Betsy DeVos, Donald Trump’s Education Secretary nominee, appears to have lifted quotes in at least two instances in written answers submitted to the Senate committee tasked with approving her nomination.
After DeVos’ confirmation hearing was limited to one round of questions by Sen. Lamar Alexander, chairman of the Senate Committee on Health, Education, Labor and Pensions, Democrats submitted hundreds of questions to the nominee. In response to a question from Sen. Patty Murray, the top Democrat on the committee, on bullying of LGBT students, DeVos almost directly – and uncited – quoted Principal Deputy Assistant Attorney General Vanita Gupta, head of Obama’s Civil Rights Division at the Justice Department.
The questions – which totaled over 1,000 – were answered in DeVos’ name, but it’s unclear what role aides and staffers played in answering the queries.
“Every child deserves to attend school in a safe, supportive environment where they can learn, thrive, and grow,” DeVos writes.
Gupta was credited with nearly the same quotes in a May 2016 press release on ensuring the civil rights of transgender students.
“Every child deserves to attend school in a safe, supportive environment that allows them to thrive and grow,” Gupta wrote.
The apparent plagiarism was first reported by The Washington Post.
Trump education adviser Rob Goad described the plagiarism allegations as “character assassination.”
“To level an accusation against her about these words included in responses to nearly 1,400 questions – 139 alone from the ranking member – is simply a desperate attempt to discredit Betsy DeVos, who will serve the Department of Education and our nation’s children with distinction if confirmed,” said Goad, who sits on the White House Domestic Policy Council.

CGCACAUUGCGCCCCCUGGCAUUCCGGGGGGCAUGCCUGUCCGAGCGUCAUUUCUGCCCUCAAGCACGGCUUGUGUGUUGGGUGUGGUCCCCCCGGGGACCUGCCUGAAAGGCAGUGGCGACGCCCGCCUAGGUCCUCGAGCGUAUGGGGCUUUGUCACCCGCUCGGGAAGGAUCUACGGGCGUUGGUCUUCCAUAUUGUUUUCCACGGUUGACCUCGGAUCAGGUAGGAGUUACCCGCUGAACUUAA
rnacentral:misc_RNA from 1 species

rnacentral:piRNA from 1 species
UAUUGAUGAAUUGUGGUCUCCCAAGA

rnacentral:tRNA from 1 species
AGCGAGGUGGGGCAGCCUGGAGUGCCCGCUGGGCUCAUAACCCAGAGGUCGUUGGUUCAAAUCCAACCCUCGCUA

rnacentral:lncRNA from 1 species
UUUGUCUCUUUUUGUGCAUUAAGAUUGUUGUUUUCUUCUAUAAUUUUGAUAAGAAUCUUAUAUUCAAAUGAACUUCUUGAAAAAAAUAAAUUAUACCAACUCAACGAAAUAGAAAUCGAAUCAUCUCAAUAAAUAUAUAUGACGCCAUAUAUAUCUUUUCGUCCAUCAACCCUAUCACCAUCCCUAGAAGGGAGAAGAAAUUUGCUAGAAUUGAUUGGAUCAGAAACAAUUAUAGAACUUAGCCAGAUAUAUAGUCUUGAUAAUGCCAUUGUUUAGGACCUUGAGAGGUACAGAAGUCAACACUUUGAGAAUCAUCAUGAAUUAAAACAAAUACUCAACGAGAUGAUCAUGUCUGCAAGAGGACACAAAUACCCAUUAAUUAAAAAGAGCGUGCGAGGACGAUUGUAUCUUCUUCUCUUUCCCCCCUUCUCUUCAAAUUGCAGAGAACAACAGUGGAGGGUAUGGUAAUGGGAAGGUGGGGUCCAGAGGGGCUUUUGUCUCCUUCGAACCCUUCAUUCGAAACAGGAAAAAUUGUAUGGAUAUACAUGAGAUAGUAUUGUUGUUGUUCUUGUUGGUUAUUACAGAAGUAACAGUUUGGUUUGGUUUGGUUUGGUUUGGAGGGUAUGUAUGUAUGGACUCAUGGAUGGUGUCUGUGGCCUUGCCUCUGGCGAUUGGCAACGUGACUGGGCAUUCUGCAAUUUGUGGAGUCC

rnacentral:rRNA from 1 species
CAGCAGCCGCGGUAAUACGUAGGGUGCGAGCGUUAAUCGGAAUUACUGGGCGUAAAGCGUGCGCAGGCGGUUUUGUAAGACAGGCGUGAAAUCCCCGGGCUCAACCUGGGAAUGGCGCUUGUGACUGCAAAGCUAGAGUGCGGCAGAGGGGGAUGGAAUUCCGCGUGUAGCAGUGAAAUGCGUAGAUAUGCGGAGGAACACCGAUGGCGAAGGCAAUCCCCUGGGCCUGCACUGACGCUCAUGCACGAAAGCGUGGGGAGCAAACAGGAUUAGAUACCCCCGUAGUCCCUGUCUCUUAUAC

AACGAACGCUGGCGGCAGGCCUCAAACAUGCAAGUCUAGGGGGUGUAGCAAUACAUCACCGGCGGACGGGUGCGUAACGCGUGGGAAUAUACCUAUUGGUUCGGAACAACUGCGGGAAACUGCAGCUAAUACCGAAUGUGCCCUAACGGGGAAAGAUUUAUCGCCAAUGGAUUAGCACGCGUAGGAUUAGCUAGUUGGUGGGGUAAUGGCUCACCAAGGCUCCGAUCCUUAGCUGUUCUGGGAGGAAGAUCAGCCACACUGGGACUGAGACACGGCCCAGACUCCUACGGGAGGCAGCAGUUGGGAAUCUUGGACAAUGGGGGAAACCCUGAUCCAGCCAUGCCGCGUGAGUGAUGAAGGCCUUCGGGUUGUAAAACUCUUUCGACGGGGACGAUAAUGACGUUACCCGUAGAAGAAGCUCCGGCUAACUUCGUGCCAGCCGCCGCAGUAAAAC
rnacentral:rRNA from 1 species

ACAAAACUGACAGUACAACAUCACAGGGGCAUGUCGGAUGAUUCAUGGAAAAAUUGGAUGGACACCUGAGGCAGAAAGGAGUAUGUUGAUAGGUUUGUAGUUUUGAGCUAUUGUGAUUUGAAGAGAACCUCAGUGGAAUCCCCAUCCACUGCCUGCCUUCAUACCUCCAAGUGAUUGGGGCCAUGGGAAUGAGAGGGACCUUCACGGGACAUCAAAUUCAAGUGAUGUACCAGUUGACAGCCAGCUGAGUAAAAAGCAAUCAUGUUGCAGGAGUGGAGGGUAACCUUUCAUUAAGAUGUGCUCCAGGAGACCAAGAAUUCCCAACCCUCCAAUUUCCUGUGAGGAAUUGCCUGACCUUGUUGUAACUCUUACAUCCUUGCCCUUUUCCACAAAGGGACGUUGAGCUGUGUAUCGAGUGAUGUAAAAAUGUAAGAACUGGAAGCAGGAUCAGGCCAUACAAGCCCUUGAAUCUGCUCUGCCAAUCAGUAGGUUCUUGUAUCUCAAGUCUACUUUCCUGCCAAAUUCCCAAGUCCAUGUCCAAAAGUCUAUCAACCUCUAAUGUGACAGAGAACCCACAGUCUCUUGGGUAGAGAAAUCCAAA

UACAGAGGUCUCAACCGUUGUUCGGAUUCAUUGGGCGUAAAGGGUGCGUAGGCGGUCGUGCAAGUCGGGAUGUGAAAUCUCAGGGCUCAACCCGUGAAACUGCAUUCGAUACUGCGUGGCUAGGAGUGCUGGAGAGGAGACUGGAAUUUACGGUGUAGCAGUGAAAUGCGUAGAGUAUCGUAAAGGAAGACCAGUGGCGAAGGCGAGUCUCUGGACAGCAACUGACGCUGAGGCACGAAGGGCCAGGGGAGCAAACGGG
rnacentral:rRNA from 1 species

Sen. Patty Murray said Tuesday she is reviewing written answers the Michigan billionaire provided to the Senate that may include plagiarized material.
In another instance, DeVos’ appears to have lifted language from the Department of Education website.
“Opening a complaint for investigation in no way implies that the Office for Civil Rights (OCR) has made a determination about the merits of the complaint,” DeVos wrote in response to a question about publishing the list of schools under Title IX investigations.
The Department of Education guidance reads, “Opening a complaint for investigation in no way implies that OCR has made a determination with regard to the merits of the complaint.”
DeVos is one of a handful of Trump cabinet nominees that Senate Democrats believe they have a chance of upending.
In the hearing earlier this month, DeVos agreed that Trump described sexual assault in a leaked hot mic video from a 2005 entertainment show and turned a discussion of guns in schools turned on grizzly bears. She also appeared at times unaware of federal law governing education and admitted to a “clerical error” that left her as a vice president on her mother’s foundation for nearly two decades.
She is also not the first Trump staffing pick to face plagiarism allegations since the President’s election.
Conservative author Monica Crowley stepped away from her appointment to a senior communications role in Trump’s then-incoming administration after CNN’s KFile uncovered multiple instances of plagiarism.
Examples of plagiarism were found in her 2012 book, multiple columns for The Washington Times and her 2000 Ph.D. dissertation for Columbia University. The former Fox New contributor was chosen to be the senior director of strategic communications for the National Security Council.
“After much reflection I have decided to remain in New York to pursue other opportunities and will not be taking a position in the incoming administration,” she told the Times in a statement. “I greatly appreciate being asked to be part of President-elect Trump’s team and I will continue to enthusiastically support him and his agenda for American renewal.”